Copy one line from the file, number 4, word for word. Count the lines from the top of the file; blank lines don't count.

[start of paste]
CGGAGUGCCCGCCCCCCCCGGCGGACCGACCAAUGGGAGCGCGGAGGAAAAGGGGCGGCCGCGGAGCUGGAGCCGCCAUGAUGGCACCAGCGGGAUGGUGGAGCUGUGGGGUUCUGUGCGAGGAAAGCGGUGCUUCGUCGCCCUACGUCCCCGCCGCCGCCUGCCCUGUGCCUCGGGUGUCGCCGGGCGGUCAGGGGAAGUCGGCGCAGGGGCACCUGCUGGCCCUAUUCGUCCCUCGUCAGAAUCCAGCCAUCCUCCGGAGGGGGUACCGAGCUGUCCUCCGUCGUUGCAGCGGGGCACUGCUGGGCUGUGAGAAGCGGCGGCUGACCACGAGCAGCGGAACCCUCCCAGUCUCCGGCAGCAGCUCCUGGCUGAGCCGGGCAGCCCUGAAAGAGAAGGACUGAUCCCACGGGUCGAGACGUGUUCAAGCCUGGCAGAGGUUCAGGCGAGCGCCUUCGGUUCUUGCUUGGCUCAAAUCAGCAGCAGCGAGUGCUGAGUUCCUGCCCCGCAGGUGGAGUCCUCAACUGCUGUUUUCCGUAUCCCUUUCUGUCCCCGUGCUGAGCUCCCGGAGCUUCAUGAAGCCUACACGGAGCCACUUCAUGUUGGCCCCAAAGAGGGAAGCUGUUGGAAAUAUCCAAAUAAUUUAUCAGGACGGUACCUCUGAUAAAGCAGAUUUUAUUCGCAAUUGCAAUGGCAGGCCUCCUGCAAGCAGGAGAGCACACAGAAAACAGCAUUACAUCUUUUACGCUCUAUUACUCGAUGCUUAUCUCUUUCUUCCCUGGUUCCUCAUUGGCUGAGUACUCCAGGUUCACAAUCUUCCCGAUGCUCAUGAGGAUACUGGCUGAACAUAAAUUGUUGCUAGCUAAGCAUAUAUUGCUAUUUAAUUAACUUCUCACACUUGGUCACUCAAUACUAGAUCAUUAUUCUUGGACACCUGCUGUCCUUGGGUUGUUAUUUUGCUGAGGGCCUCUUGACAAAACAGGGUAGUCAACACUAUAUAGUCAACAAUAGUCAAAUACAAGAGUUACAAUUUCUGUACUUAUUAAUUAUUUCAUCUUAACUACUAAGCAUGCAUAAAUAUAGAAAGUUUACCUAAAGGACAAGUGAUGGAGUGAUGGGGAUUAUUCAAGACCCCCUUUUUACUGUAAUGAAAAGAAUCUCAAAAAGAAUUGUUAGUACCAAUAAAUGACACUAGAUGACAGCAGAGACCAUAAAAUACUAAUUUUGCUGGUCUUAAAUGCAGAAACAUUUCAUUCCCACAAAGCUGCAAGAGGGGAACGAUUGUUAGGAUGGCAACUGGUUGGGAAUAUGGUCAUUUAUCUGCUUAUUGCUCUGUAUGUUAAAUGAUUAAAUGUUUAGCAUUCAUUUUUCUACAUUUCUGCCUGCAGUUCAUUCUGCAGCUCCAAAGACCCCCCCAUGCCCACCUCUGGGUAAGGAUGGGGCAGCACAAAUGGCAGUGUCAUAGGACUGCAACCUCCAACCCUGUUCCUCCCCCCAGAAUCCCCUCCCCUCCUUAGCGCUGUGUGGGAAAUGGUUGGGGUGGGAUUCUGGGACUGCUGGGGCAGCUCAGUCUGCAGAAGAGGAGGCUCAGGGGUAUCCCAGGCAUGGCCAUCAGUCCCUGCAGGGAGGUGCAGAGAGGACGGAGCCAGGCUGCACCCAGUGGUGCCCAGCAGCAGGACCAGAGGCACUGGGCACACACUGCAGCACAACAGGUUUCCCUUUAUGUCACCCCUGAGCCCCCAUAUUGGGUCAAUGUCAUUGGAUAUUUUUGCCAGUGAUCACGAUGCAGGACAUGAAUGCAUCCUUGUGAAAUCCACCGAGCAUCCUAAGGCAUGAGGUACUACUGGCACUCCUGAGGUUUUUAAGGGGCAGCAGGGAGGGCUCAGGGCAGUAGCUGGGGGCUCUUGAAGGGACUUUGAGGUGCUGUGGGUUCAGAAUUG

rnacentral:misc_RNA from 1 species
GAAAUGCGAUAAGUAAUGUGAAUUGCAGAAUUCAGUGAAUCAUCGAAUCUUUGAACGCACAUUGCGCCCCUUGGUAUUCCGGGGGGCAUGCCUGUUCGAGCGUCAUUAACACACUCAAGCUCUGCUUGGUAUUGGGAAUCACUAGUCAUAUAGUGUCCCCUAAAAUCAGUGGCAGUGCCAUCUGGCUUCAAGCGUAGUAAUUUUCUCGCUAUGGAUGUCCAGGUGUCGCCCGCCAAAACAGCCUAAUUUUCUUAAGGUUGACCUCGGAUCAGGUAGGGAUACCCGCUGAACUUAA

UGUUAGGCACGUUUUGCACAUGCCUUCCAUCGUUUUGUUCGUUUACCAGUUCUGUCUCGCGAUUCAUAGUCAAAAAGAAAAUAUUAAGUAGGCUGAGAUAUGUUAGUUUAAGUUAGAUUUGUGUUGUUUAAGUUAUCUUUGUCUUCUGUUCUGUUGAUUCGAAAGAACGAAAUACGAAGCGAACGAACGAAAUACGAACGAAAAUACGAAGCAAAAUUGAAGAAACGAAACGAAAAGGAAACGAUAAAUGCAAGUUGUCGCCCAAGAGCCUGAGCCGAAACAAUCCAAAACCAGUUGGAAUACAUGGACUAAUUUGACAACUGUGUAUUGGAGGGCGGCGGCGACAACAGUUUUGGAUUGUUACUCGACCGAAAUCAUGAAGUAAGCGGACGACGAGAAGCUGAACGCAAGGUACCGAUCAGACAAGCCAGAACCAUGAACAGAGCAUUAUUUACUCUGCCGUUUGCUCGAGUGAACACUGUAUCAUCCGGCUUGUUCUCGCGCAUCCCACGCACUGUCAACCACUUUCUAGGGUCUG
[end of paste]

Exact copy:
UGUUAGGCACGUUUUGCACAUGCCUUCCAUCGUUUUGUUCGUUUACCAGUUCUGUCUCGCGAUUCAUAGUCAAAAAGAAAAUAUUAAGUAGGCUGAGAUAUGUUAGUUUAAGUUAGAUUUGUGUUGUUUAAGUUAUCUUUGUCUUCUGUUCUGUUGAUUCGAAAGAACGAAAUACGAAGCGAACGAACGAAAUACGAACGAAAAUACGAAGCAAAAUUGAAGAAACGAAACGAAAAGGAAACGAUAAAUGCAAGUUGUCGCCCAAGAGCCUGAGCCGAAACAAUCCAAAACCAGUUGGAAUACAUGGACUAAUUUGACAACUGUGUAUUGGAGGGCGGCGGCGACAACAGUUUUGGAUUGUUACUCGACCGAAAUCAUGAAGUAAGCGGACGACGAGAAGCUGAACGCAAGGUACCGAUCAGACAAGCCAGAACCAUGAACAGAGCAUUAUUUACUCUGCCGUUUGCUCGAGUGAACACUGUAUCAUCCGGCUUGUUCUCGCGCAUCCCACGCACUGUCAACCACUUUCUAGGGUCUG